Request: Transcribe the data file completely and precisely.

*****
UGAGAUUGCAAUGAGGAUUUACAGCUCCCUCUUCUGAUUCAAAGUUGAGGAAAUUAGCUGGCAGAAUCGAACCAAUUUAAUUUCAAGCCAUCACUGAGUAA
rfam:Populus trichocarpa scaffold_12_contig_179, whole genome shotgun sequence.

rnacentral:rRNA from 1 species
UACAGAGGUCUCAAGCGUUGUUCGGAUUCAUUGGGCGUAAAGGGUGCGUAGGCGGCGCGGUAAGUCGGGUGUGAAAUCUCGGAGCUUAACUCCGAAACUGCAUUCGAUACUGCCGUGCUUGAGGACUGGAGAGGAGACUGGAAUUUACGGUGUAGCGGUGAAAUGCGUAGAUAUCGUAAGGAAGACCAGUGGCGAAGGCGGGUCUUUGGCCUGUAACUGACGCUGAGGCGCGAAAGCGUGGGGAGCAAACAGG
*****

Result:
UGAGAUUGCAAUGAGGAUUUACAGCUCCCUCUUCUGAUUCAAAGUUGAGGAAAUUAGCUGGCAGAAUCGAACCAAUUUAAUUUCAAGCCAUCACUGAGUAA
rfam:Populus trichocarpa scaffold_12_contig_179, whole genome shotgun sequence.

rnacentral:rRNA from 1 species
UACAGAGGUCUCAAGCGUUGUUCGGAUUCAUUGGGCGUAAAGGGUGCGUAGGCGGCGCGGUAAGUCGGGUGUGAAAUCUCGGAGCUUAACUCCGAAACUGCAUUCGAUACUGCCGUGCUUGAGGACUGGAGAGGAGACUGGAAUUUACGGUGUAGCGGUGAAAUGCGUAGAUAUCGUAAGGAAGACCAGUGGCGAAGGCGGGUCUUUGGCCUGUAACUGACGCUGAGGCGCGAAAGCGUGGGGAGCAAACAGG